TPU scientist Raul Rodrigez and his colleagues from Lithuania and Germany were the first in the world to suggest how with the help of graphene oxide, in fact ordinary graphene as in pencils, but oxidized to make the surface of any material suitable for immobilization of living cells. Devices with such coatings will make it possible to detect and study individual living cells, including dangerous microorganisms, cancer cells and dangerous substances in the human body. In future, this technology will allow creating flexible diagnostic devices implanted under the skin. The study outcomes were published in Sensors and Actuators B: Chemical (IF 5.4; Q 1).
Photo: Professor Raul Rodrigez amd his PhD student
The study was conducted by the researchers from Tomsk Polytechnic University, the University of Vilnius, the Center for Physical Sciences and Technology (Lithuania) and the Chemnitz University of Technology (Germany).
‘Medical scientists are still trying to find an answer to the question related to metastatic spread. Studying communication of cells in the process of their formation is a possible answer to this question. For this purpose it is necessary to be able to distinguish the behavior of bulk cell samples from the behavior of single cells,’
- tells Professor Raul Rodrigez from the Department of Lasers and Lighting Engineering.
The technology developed by Tomsk scientists and their colleagues allows monitoring cell colonies and separate the cells of interest from all the others. Moreover, it will be more affordable than existing counterparts.
He adds that the study of communication and interaction of cells is currently important for many areas in medicine. The same technology can help in the development of biosensors.
‘When creating biosensors there is the same problem as when creating implants which are implanted into the human body. In implants the interaction of cells with their surface is determined by wettability. Wettable surfaces enhance the attachment of living cells to bioimplants, as well as their proliferation and so on. The surface of biosensors should also be well wetted so that we can ensure the attachment of cells or bacteria to the sensors,’ says Professor Rodrigez.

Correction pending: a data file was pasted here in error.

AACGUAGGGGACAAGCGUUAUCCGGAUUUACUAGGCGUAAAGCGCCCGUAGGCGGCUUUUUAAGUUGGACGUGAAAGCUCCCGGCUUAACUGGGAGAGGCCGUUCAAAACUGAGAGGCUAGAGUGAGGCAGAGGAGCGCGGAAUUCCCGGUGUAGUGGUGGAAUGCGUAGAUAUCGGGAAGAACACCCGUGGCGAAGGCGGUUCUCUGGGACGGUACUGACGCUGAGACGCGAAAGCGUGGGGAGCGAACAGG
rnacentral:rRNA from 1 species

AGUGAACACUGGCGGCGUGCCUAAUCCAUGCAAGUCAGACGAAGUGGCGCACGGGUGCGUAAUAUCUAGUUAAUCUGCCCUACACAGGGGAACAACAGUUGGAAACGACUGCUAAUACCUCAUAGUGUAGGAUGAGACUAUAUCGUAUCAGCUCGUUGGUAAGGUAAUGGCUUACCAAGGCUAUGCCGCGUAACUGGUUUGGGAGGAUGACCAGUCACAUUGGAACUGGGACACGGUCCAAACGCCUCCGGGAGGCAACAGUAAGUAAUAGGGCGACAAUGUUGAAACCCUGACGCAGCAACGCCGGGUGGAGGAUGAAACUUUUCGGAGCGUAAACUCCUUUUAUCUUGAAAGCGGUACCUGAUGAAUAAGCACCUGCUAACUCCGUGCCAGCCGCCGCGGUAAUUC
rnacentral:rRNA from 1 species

The scientist explains that water can help understand what a wettable or hydrophilic surface means. When water droplets fall on the surface of a material and spread over it, it means that the interaction between the droplets and the surface is high and the material is hydrophilic. If water droplets gather in balls, the interaction between water molecules with each other is more than with the surface, it means the material is hydrophobic.
‘The simple technology using graphene oxide allows us to make any material hydrophilic and therefore suitable for creating inexpensive biosensors,’
- says TPU professor.
Photo: Drying process of yeast cell suspension, which was prepared by dispersion of yeast cells in water and then drop coated on clean substrates such as: glass, silicon, HOPG, PDMS, and mica. Pictures were taken before and after water evaporation proceeded at ambient conditions over 5–10 min.
In their work the scientists demonstrated this effect by the example of ordinary yeast cells deposited on several arbitrary substrates of glass, silicon and other materials coated with graphene oxide. The study results showed that cells are well attached to modified substrates. Such improved surfaces led to the appearance of areas where single cells could be observed. Figuratively speaking, cells fell into ‘traps’ and could not come together, as it usually does on surface. Using this property, it would be possible to study how cells behave in the isolated state and compare their behavior in the colony.
For manufacturing biosensors it is supposed to create electrical contacts on the same coating.